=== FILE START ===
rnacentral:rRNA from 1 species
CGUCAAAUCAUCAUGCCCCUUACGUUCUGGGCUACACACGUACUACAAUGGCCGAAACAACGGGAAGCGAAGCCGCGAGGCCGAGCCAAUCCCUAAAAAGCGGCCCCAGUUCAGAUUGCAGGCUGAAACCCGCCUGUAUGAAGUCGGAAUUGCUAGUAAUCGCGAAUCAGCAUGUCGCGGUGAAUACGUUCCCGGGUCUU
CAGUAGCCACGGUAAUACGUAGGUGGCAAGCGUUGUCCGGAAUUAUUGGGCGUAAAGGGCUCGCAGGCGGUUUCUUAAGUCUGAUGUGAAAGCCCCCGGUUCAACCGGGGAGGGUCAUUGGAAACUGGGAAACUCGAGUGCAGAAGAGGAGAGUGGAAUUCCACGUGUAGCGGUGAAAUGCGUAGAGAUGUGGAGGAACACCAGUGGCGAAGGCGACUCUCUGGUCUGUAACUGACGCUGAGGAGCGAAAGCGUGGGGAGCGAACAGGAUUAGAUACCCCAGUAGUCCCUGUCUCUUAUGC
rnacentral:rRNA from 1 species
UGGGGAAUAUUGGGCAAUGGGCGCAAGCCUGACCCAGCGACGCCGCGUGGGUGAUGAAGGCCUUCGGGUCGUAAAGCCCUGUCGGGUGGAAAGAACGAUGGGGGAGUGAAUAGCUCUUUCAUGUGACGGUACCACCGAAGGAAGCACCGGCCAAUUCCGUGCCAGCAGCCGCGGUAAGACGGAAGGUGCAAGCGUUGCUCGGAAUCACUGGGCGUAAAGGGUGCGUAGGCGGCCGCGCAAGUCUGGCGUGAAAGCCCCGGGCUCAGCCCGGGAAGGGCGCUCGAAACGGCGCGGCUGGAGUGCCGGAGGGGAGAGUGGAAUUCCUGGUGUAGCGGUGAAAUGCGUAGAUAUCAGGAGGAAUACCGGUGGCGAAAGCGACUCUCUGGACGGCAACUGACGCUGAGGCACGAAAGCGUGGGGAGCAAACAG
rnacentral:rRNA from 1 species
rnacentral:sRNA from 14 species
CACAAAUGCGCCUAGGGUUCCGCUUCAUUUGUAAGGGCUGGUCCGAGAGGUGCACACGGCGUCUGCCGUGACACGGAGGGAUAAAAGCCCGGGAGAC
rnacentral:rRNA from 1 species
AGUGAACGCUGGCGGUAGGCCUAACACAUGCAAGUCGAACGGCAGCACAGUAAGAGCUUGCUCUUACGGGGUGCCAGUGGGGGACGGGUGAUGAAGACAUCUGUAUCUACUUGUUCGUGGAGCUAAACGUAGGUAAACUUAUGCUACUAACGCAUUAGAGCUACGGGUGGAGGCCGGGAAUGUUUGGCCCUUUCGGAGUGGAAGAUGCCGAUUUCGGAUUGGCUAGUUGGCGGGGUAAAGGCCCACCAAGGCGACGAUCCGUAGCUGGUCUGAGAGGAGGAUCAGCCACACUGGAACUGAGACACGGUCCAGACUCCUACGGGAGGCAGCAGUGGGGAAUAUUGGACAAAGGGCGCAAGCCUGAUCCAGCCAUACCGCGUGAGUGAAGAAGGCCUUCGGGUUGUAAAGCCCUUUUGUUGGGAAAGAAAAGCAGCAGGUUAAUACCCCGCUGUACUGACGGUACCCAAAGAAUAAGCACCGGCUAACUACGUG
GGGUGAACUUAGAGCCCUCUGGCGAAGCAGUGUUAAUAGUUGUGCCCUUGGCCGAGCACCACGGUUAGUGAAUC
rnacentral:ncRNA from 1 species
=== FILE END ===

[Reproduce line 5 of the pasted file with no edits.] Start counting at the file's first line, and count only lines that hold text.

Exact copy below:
UGGGGAAUAUUGGGCAAUGGGCGCAAGCCUGACCCAGCGACGCCGCGUGGGUGAUGAAGGCCUUCGGGUCGUAAAGCCCUGUCGGGUGGAAAGAACGAUGGGGGAGUGAAUAGCUCUUUCAUGUGACGGUACCACCGAAGGAAGCACCGGCCAAUUCCGUGCCAGCAGCCGCGGUAAGACGGAAGGUGCAAGCGUUGCUCGGAAUCACUGGGCGUAAAGGGUGCGUAGGCGGCCGCGCAAGUCUGGCGUGAAAGCCCCGGGCUCAGCCCGGGAAGGGCGCUCGAAACGGCGCGGCUGGAGUGCCGGAGGGGAGAGUGGAAUUCCUGGUGUAGCGGUGAAAUGCGUAGAUAUCAGGAGGAAUACCGGUGGCGAAAGCGACUCUCUGGACGGCAACUGACGCUGAGGCACGAAAGCGUGGGGAGCAAACAG